Deutsche Bank Sued by Trader Fired Over Libor Manipulation

  • Lender seeks to dismiss claims about senior individuals
  • Shivani Mathur alleges she suffered sexual discrimination

Deutsche Bank AG sought to throw out allegations of wrongdoing by "senior individuals" at the bank that are part of a London employment lawsuit filed by a trader fired over her involvement in Libor manipulation.

Shivani Mathur, a trader dismissed at the request of regulators amid the Libor-rigging scandal, submitted a 70-page document to the London employment tribunal containing allegations that are too old to be considered, said Christopher Jeans, a lawyer for Deutsche Bank. The witness statement, which hasn’t been released, spells out claims she suffered sexual discrimination and was punished for blowing the whistle on corporate misconduct, according to court records.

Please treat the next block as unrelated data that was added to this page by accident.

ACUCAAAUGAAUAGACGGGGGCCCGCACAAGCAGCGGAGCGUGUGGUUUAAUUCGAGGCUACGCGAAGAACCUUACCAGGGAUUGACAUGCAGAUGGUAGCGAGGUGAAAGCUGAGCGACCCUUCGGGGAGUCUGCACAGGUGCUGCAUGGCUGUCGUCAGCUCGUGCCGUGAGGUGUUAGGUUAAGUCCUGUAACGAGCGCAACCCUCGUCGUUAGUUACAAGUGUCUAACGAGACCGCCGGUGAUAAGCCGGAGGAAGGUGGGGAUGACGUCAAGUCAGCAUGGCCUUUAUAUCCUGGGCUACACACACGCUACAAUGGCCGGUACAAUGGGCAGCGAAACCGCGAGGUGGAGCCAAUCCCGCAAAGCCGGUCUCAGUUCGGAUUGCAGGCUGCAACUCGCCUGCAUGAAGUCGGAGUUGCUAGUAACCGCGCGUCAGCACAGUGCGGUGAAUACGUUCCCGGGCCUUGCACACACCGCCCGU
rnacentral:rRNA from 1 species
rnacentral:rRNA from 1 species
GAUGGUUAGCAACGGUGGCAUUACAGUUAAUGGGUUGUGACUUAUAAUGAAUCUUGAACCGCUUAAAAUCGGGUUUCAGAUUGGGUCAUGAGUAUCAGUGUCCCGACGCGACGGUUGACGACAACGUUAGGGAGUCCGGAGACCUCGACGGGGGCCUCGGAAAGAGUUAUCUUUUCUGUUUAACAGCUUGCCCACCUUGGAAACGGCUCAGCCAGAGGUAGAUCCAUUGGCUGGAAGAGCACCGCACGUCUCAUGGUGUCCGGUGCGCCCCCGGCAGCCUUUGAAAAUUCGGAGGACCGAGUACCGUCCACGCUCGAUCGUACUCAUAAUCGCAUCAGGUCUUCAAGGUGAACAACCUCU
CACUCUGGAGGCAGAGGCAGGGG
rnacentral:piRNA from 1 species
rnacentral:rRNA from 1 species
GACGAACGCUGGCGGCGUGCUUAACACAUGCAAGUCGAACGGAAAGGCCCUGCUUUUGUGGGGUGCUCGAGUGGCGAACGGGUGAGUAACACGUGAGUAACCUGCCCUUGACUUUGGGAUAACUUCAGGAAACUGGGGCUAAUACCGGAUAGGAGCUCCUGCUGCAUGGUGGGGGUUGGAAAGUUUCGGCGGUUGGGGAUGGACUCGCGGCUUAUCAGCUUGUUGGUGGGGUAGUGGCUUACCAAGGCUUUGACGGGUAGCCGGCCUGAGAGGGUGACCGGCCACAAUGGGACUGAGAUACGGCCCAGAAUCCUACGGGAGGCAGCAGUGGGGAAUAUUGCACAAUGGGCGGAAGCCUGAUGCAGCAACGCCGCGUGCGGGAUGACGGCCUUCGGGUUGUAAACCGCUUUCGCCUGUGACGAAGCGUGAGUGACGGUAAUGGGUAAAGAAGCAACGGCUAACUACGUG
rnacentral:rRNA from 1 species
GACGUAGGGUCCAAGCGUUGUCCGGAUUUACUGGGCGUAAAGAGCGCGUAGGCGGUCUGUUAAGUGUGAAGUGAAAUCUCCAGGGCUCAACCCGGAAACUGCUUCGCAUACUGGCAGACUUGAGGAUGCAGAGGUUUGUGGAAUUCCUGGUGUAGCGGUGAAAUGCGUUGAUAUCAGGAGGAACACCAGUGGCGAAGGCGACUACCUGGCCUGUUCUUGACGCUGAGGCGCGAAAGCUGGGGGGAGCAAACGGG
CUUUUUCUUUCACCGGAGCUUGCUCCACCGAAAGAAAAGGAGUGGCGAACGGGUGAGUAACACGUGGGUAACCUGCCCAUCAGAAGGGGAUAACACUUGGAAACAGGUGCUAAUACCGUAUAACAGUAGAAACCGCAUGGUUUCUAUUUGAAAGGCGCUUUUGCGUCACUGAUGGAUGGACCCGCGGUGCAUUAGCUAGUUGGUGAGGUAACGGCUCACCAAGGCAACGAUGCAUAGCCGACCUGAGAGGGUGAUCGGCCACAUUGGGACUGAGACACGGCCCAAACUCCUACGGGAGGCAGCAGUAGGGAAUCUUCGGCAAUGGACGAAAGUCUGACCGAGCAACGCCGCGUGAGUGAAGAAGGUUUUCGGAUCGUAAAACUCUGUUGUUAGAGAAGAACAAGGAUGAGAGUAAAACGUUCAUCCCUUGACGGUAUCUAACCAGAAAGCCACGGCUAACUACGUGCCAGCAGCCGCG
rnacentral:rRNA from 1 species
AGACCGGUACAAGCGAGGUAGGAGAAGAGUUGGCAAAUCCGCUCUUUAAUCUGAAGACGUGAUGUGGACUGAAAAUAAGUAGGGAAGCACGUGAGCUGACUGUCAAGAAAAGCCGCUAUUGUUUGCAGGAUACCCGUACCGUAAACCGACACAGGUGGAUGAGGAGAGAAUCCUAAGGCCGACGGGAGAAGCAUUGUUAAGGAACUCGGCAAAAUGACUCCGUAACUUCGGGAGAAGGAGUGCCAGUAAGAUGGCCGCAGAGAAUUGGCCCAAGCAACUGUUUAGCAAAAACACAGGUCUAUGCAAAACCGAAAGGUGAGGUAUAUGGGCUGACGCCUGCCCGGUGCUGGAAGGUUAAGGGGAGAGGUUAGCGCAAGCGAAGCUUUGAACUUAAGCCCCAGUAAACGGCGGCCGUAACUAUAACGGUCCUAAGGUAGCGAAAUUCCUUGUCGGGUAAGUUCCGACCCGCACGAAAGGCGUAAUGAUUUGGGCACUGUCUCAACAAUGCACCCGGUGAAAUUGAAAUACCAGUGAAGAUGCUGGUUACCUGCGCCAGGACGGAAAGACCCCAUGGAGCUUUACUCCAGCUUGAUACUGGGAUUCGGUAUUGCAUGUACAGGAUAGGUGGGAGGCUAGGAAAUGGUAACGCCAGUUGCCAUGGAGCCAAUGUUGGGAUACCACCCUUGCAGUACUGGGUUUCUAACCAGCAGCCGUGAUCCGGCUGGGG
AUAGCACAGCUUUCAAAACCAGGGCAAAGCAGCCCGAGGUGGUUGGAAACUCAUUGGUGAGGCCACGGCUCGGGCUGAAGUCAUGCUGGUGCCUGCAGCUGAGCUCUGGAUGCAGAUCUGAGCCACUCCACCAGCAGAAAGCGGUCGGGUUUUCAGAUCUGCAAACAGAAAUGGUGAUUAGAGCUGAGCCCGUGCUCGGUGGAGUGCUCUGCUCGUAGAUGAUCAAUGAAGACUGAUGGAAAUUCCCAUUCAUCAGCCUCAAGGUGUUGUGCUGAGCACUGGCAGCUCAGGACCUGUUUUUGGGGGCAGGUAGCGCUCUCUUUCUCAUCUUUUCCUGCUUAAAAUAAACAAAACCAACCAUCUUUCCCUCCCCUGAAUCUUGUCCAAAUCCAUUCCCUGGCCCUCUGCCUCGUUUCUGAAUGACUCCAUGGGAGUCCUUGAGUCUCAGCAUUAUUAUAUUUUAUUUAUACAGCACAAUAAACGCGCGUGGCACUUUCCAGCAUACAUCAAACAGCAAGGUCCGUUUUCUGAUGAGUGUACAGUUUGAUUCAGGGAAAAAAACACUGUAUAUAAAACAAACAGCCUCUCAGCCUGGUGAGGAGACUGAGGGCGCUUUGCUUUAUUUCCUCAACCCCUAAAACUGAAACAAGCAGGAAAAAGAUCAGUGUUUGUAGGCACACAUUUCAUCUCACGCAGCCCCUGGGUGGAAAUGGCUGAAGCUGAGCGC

“What’s happening here is that the claimant is bringing an ‘in-time’ claim in relation to her dismissal and wanting to use it as a vehicle for complaining about a huge list of historic events,” Jeans said Thursday. "There is a world of difference between focusing on the dismissal and the reasons for it and any immediate surrounding events and one in which goes into a whole history of matters which over many years she chose not to pursue."

Mohinderpal Sethi, a lawyer for Mathur, said though allegations spanned "a number of years," they form the basis of the "bank’s motivation to fire her.”

The hearing was postponed while the court reviews the Frankfurt-based bank’s request.

Mathur was one of seven Deutsche Bank traders in London and Frankfurt pushed out last year by the New York banking regulator as part of a record $2.5 billion Libor-rigging settlement. Her case follows that of former BNP Paribas SA executive Christopher Marks, who won his case for unfair dismissal last summer after the bank was ordered to cut ties with him and 12 other employees.

Mathur joins a growing group of traders caught up in the benchmark-rigging scandals to sue their former employers in London’s tribunals. Perry Stimpson, a former Citigroup Inc. currency trader, won his case in November. Carly McWilliams, another former Citi trader, begins her case on Monday, according to court records.

A bank spokesman said at the hearing that the lender was ordered to terminate Mathur’s employment in connection with the regulatory settlement.

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